Powell Re-Signs In Portland Thanks To Security And 'So Much Love'

by Casey Holdahl
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Norman Powell had a good idea of which team he was going to sign with once the NBA’s moratorium ended last Friday, but even so, he still wanted to know of all of his options, typically a wise choice when making a potentially life-altering decision. So he listened to his agent and looked over the potential offers before coming to a final conclusion.

“I went into it with an open mind,” said Powell. “It’s not that I wasn’t going to come back or anything like that; it was my first time going through free agency. I went into it with an open mind just to see and experience the whole process and how it works. I didn’t know really want to expect, I just wanted to go and be in a situation that was right for me, where I can have the room to accomplish the things I want individually and as a team.”

In the end, that situation was in Portland.

After doing his due diligence, Powell, acquired from Toronto in exchange for Gary Trent Jr. and Rodney Hood at the 2021 trade deadline, decided to re-up with the Trail Blazers for five years after being offered a deal reportedly worth $90 million.

“Especially for me, seeing that number and the years, having that security, something that’s not only life-changing, but generational wealth for not only me but my family and the little ones I plan on having in the future, to be able to lock that in is really big for me,” said Powell. “It’s not the reason why I play the game but it’s definitely beneficial and helpful for me.”

While he rightly notes that money and the security of a five-year deal are great, Powell was also quick to point out the decision went well  beyond numbers on a ledger.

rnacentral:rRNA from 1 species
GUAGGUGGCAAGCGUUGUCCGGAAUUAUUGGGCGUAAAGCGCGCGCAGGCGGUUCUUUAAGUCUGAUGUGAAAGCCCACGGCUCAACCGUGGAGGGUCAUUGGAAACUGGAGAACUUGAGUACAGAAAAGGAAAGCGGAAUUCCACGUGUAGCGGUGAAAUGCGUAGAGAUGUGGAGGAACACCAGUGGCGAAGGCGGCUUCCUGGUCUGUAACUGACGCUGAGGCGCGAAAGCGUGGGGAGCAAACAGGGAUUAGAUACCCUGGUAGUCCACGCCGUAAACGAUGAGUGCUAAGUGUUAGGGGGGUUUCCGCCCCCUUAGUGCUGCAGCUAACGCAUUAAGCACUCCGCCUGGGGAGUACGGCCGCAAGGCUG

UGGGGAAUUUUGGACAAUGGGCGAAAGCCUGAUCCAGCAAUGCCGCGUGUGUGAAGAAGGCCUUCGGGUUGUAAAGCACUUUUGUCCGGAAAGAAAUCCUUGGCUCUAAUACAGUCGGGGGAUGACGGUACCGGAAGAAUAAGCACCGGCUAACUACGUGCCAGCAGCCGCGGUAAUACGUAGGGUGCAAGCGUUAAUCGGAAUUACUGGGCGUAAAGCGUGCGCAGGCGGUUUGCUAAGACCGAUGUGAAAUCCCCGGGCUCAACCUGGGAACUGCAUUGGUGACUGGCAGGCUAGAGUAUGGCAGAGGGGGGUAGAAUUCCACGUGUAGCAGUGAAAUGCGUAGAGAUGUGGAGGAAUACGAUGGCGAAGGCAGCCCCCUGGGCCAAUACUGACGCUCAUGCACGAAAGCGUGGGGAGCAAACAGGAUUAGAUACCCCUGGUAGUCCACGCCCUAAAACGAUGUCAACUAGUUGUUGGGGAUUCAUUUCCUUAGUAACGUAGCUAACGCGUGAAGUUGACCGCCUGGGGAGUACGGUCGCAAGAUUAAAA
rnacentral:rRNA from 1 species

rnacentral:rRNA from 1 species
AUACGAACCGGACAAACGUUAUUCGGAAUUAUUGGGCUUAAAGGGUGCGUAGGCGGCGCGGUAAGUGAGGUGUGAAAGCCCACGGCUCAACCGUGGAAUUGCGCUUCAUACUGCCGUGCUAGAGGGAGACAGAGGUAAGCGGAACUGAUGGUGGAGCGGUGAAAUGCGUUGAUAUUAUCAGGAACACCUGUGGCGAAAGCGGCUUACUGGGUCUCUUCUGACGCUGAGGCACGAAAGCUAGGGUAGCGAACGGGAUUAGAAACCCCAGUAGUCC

“I’m excited to be able to do that with an organization that has shown so much love and want to have me there, really appreciative of my skill set, the person I am on and off the court,” said Powell. “You always want to go somewhere you feel loved and wanted and I felt that Day One, before I even stepped foot on the court with the team when the trade went down in March, the phone calls and everything, talking to the guys. So I was really excited and happy.”

Trading for a player on an expiring contract can be a tricky proposition, as it doesn’t give the player nor the team a whole lot of time to get to know each other before the season ends and everyone goes their separate ways. And those issues were exacerbated this year due to scheduling and protocols changes brought on by the COVID-19 pandemic, which not only limited the time the Trail Blazers had to convince Powell to stay, but didn’t allow for the kind of off-court relationship-building between players that would typically improve the chances of a player re-signing.

But according to Powell, the concerted effort by the team and players to convince him that Portland is where he should spend the prime years of his career was integral in his decision.